WASHINGTON, April 30 – It’s ironic that a tour featuring heavy metal greats Death is so focused on life. This year’s Death to All Tour celebrates Chuck Schuldiner, Death’s founder and one of the genre’s greats. Since dying of brain cancer in 2001, Schuldiner’s left a void in extreme music few can fill. Created as a tribute to his vast legacy, Death to All reunites Death’s classic lineup and attempts filling Schuldiner’s absence.
Sadly, last Friday night’s gig at the Fillmore in Silver Spring, Maryland didn’t quite fill Schuldiner’s shoes. Though a loving reflection on one person’s vital achievements, it couldn’t conjure the same magic behind them. Try as they might, Death 2.0 fell short of slaying a lackluster crowd and underwhelming opening acts. At day’s end, listeners got a merely good performance out of a great man’s music.
The night started off shaky with poor attendance from area fans. Barely filling the Fillmore’s generous floor area, the night’s first few attendees received a short set from Vancouver’s Anciients. Solid but unspectacular, it revealed a promising buzz-band that hasn’t settled on its final stage presence yet.
Currently touring for their debut full-length “Heart of Oak,” there’s no denying Anciients is an interesting act. Their music unites seemingly disparate influences into a rich, intricate whole. Unfortunately, such complexity hurt them live. With barely a half-hour of time, Anciients’ performance felt rushed. Though satisfying, one got the feeling they were warming up as the clock wound down.
What little listeners heard, however, was decent. Anciients wisely began with “Raise the Sun,” a somber folk ballad that quickly exploded into a fist-pumping war anthem. “Giants,” meanwhile, carried on this energy with burly riffs, brawny roars and thunderous percussion. “Overthrone,” for its part, began with ringing guitars which morphed into glorious, open-ended rumbles. Anciients then wrapped things up with “Faith and Oath,” a hailstorm of frigid speed-picking followed by psychedelic guitar chords and gargantuan bellowing.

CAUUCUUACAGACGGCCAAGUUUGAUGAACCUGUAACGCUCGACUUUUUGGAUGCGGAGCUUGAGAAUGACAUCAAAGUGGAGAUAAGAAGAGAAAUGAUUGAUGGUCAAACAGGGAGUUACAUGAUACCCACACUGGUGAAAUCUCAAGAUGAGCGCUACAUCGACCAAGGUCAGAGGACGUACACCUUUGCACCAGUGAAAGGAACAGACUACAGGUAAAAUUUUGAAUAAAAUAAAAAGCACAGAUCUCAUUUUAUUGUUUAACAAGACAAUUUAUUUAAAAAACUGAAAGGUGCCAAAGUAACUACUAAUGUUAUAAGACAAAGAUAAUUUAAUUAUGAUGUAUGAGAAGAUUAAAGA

If Anciients had one fatal flaw, it was stage presence. The quartet played each of their songs – all powerful tunes – with little enthusiasm. Compared to their successors, one got the feeling Anciients were merely putting in hours at the office.
Thankfully, San José, California’s Exhumed took things up a notch with their manic, macabre style. Opting for shock-and-awe, the four-piece mixed gory stage antics with ripping jams. “Dis-Assembly Line,” for example, was a shotgun blast of shredding guitar solos and furious drums. One of the band’s new songs – “The Beginning after the End” – kept up the blistering pace with rabid ferocity of its own. In contrast, “Under the Knife” slowed things down with echoing harmonics before launching into razor-thin riffs and crushing breakdowns.
Backing Exhumed’s performance was their crazed surgeon mascot. When he wasn’t crowd-surfing or swinging a chainsaw, the masked “murderer” was showering concert-goers with fake gore. Such foul-play was a marked contrast to Anciients, delivering that live X-factor Exhumed’s predecessors lacked.
As entertaining as it was, the crowd was clearly waiting for Death. When the reunited legends finally took the stage, they delivered in spades. Over the course of nearly two hours, Death covered all their classic hits in tasteful homage to Schuldiner’s memory.
Death 2.0 coalesced out of the band’s “Human” era, so most of their cuts came from that landmark 1991 album. “Flattening of Emotions” kicked things off with ominous, churning riffs before swarming with relentless aggression. Later on, “Suicide Machine” opened up with news clips about Dr. Kevorkian before unleashing the song’s queasy time-changes and unnerving atmosphere. After this, “Together as One” steamrolled listeners with a maelstrom of amp abuse.
The band sprinkled in some non-“Human” cuts for older fans too. “Living Monstrosity” was just that, showing no mercy with its frantic speed and deranged howls courtesy of replacement singer Matt Phelps. “Within the Mind” warped psyches with its otherworldly chug, while the glimmering fretwork of “Spiritual Healing” provided one of the evening’s biggest highlights.
Strangely enough, the night’s most breathtaking moment was a montage of photos and clips chronicling Schuldiner’s brief life. Even in snippets, he was clearly a man of rare personality and genius. Seeing a sea of lighters honoring Schuldiner’s memory, it was deeply sad realizing such a vibrant life was cut so tragically short.
Ever the masters, Death let this tribute end their set. Reappearing for an encore, they launched into the gritty stomp of “Pull the Plug” before taking one final, well-deserved bow together. It was the perfect finish – Death “pulled the plug” with one of their earliest, heaviest hits, and not a moment too soon.
Rating: 7 out of 10.
Read more of Mark’s work in Heavy Metal Hensch at the Washington Times Communities.
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